Thursday, January 5, 2012

Can Joe Torre restore the Dodgers to greatness?

Joe Torre is a proven winner in the game of baseball, but he is going to need all his skills and talents for what he hopes will be his next job: restoring the Los Angeles Dodgers to greatness.

Torre announced that he was leaving Major League Baseball’s front office to join a group seeking to buy the bankrupt Dodgers. If the group’s bid is successful, Torre would become the head of baseball operations for the iconic franchise and the primary face of a new ownership group seeking to turn the Dodgers back into a superior organization.

Torre has a lifetime of baseball experience as a player, manager and broadcaster, although he experienced his greatest post-retirement success as manager of the New York Yankees. I do not question Torre’s baseball smarts at all. But I can’t help but wonder whether a job running baseball operations is the best fit for an admitted old-time thinker when it comes to baseball. Can Torre really deal with all the advanced metrics and new-age thinking that comes with recruiting and signing players for a major league franchise in the Moneyball era?

I’m also a little surprised that Torre decided to leave his job as right-hand man to Bud Selig at MLB. It was a comfortable role that seemed to fit Torre like a glove, even when there was controversy with the umpires or MLB’s foolish decision to deny the New York Mets the right to honor the first responders at the 9/11 ceremonies by wearing their hats. But Torre is a master at deflecting and defusing controversies, a talent honed in his many years as Yankees manager under George Steinbrenner.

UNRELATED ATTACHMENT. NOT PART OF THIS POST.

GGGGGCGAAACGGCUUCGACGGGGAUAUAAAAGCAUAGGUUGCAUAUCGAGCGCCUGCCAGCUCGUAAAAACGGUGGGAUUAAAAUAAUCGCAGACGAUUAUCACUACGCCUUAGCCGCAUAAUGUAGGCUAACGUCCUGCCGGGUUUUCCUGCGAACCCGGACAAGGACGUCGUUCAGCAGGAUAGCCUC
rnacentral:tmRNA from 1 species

He’s going to need more than that if he’s going to succeed in his latest task. The Dodgers are fighting to emerge from Chapter 11 bankruptcy and regain the love and affection of Angelenos turned off by the antics of current owner Frank McCourt and the thugs who infiltrated the stadium in recent years, leading to a near-fatal attack on a visiting San Francisco Giants fan. The Dodgers will also have to contend with the suddenly free-spending Los Angeles Angels of Anaheim and their new superstar Albert Pujols, whose signing has excited, and perhaps expanded, the Angels fan base.

But Torre has a lot to work with, namely a nucleus of young talent, led by superstar Matt Kemp on the offensive side and ace Clayton Kershaw on the pitching mound. He will have his hand-picked successor Don Mattingly, who did a commendable job running the 2011 team despite all the drama, back in the dugout. It’s a strong base to build off of and Torre may be the guy to massage the team back to what die-hard Dodger Blue fans deserve: a title-winning ballclub. I certainly hope so.

Good luck, Joe!

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